The Democratic Party may have inadvertently sent a message to organized labor by choosing a non-union venue of Charlotte, N.C., for the party’s nominating convention. And now unions have responded — underwhelmingly — by closing their pocketbooks.
“I think everybody is on the same page politically around a lot of different candidates, but the unions are going to invest in their members before they invest in a convention that’s being held in a place where there are no organized hotels, organized restaurants, etc.,” declared Chuck Rocha, president of the union consulting firm Solidarity Strategies and former political director of the United Steelworkers in an interview with Politico
None of the official Democratic National Convention events next month so far have been sponsored by unions like AFL-CIO, or the International Brotherhood of Teamsters — organizations that have been major contributors in the past, according to the website.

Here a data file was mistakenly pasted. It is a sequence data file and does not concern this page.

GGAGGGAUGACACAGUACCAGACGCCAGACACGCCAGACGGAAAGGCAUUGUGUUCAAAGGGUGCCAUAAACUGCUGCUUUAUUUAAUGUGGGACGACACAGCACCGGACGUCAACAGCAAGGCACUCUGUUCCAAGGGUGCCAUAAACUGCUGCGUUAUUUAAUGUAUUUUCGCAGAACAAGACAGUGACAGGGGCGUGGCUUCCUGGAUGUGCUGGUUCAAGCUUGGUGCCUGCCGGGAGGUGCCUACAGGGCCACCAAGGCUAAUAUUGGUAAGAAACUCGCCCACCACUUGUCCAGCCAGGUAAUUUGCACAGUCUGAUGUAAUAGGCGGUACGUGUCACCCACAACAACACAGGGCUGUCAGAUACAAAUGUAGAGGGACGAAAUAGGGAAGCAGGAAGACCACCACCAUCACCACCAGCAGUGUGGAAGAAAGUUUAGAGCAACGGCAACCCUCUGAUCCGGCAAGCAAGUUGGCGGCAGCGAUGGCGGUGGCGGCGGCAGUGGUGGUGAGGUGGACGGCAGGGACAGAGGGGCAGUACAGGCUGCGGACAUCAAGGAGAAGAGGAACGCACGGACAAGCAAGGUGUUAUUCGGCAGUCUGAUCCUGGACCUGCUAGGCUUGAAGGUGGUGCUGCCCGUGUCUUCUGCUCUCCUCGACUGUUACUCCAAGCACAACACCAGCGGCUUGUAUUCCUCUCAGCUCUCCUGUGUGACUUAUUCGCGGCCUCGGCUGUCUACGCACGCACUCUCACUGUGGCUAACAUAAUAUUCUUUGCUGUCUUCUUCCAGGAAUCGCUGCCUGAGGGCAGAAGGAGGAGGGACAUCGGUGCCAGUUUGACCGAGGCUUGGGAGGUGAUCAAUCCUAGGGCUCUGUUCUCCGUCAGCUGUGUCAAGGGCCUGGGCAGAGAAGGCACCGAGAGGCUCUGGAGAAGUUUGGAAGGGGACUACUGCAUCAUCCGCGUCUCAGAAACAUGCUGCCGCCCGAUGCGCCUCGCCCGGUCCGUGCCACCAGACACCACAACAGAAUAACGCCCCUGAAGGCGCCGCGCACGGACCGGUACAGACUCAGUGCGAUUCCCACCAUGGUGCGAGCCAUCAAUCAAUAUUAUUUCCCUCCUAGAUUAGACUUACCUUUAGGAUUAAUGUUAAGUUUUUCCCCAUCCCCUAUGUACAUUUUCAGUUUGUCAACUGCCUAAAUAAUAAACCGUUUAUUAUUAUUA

The Service Employees International Union, which recently suffered a defeat in the Wisconsin recall election, reportedly has made a contribution — but not enough to prevent organizers from falling $25 million short of their $36.6 million goal as of late June, Politico reports.
In contrast, unions coughed up $9 million of the $62 million raised to fund the 2008 DNC in Denver and sponsored related events. The absence of labor money this time around has been exacerbated by bans on corporate contributions and caps on individual donations.
Democrats apparently have already had to embrace austerity measures as a result of this year’s smaller contributions, including a decision to drop a planned kickoff event on Labor Day, according to the news organization.
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